As opioid manufacturers face increasing pressure over their role in the widening opioid epidemic across the United States, New Mexico Attorney General Hector Balderas announced a lawsuit against eight members of the Sackler family, who own and operate Purdue Pharma.
Balderas called the family “perhaps the most deadly drug dealers in the world” and said the company used deceitful and illegal practices to market and sell opioids in the state.
“Because of their illegal actions, New Mexico faces some of the highest opioid related death numbers in the nation, and we have whole communities here in New Mexico which will never be the same again,” Balderas said. “Today I am seeking to hold them accountable and to help end New Mexico’s crisis and avoid more lives being lost.”
The Sacklers agreed to give up “the entire value” of Purdue Pharma to settle lawsuits against the company according to a statement provided to NPR this week. The company is facing a reported 2,000 lawsuits and billions of dollars worth of damages related to their marketing and sales of opioids. The company is expected to file for bankruptcy this week, as early as Wednesday, according to multiple media reports.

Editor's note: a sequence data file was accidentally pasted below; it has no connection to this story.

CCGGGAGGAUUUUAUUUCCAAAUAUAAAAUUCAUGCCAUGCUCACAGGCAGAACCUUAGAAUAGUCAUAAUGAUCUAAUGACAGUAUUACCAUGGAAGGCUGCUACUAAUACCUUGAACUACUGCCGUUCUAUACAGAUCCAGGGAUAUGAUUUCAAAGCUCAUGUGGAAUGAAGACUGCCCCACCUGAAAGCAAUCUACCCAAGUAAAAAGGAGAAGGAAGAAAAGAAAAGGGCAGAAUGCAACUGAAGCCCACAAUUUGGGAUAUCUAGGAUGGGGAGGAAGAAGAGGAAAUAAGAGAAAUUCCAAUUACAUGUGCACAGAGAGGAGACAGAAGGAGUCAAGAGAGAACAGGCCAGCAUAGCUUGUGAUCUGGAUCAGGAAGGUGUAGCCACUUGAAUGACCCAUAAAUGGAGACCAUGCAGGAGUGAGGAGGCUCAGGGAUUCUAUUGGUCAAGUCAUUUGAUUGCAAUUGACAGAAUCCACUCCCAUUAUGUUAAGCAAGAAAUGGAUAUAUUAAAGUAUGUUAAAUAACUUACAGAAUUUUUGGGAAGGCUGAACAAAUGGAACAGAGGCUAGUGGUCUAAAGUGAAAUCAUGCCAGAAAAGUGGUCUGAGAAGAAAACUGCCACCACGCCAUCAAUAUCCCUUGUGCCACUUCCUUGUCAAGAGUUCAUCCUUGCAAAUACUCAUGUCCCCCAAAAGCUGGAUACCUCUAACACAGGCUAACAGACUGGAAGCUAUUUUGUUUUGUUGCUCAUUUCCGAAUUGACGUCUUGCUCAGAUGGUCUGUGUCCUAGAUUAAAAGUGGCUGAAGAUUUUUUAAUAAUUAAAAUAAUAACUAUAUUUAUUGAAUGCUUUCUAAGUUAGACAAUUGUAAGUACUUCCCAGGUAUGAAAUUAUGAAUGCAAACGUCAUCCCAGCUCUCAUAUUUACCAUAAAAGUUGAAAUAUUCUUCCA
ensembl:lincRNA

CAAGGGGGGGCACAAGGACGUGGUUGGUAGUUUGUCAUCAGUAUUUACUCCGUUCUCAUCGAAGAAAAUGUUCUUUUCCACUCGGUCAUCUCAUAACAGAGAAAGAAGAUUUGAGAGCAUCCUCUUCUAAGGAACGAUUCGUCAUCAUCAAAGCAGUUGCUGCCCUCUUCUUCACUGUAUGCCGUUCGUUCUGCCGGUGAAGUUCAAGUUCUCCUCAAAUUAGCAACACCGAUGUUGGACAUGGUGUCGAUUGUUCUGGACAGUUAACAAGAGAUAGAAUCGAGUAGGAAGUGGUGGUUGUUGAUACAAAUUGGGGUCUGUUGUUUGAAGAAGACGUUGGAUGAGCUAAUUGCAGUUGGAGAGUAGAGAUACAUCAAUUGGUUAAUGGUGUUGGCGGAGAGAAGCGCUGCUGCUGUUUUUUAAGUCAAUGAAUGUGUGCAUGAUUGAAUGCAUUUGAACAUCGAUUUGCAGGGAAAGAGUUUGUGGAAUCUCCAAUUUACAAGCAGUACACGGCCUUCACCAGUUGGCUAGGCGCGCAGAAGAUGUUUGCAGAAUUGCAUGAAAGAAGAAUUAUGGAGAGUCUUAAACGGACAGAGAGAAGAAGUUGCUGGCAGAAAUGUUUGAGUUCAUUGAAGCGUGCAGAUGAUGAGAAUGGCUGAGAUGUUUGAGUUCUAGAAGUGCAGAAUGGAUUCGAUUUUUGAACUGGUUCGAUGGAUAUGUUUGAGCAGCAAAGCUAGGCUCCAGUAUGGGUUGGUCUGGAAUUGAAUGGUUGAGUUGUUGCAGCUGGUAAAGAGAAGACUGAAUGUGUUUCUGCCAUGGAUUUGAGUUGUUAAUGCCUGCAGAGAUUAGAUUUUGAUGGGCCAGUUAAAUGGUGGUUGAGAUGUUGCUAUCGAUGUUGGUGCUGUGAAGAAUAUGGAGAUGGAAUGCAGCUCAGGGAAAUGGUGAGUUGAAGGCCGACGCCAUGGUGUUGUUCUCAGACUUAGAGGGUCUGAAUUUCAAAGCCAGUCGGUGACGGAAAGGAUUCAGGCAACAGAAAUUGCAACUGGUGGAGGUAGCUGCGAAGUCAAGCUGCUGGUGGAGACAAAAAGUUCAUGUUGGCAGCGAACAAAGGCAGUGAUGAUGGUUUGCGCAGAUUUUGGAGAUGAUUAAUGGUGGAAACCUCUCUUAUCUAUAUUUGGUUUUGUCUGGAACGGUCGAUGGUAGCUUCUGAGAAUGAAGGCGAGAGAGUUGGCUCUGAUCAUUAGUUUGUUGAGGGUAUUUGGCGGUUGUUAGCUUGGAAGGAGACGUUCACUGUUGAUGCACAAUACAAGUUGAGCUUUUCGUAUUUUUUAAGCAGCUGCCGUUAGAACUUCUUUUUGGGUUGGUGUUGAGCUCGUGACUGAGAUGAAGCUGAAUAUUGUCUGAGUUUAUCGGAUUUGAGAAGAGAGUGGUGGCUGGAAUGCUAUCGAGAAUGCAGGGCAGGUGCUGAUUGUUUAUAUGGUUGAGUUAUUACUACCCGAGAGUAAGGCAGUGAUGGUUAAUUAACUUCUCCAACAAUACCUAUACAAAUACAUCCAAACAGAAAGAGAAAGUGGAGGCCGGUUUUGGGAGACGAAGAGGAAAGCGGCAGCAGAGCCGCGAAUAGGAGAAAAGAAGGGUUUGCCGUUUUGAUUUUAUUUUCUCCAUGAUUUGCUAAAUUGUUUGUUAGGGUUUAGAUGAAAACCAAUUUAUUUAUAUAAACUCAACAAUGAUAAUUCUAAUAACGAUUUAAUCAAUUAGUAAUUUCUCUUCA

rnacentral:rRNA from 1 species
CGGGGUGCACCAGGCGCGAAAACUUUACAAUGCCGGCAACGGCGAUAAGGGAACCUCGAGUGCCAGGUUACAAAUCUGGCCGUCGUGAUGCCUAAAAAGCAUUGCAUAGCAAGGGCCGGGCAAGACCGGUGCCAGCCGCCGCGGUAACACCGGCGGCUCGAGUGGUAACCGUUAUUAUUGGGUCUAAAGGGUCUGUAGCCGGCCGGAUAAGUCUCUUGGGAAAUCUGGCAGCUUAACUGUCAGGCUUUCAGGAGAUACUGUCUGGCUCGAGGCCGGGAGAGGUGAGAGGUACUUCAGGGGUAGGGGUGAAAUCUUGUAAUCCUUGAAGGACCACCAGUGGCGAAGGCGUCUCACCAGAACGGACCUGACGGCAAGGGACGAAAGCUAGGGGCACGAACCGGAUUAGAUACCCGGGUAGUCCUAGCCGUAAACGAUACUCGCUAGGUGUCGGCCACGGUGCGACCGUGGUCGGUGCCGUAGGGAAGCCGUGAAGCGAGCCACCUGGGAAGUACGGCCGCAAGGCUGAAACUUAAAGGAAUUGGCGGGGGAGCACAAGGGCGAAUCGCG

The lawsuit says Purdue Pharma marketed opioids as safe and non-addictive, and “borrow[ed] from the tobacco industry’s playbook.”
The suit also notes that New Mexico “has had one of the highest rates of drug overdose death rates in the United States” and that the rate of opioid overdose deaths in Rio Arriba and Mora counties are particularly high.
The Attorney General’s office said the state filed suit against the family because Purdue Pharma is not a publicly traded company and its sole stockholders are the family members.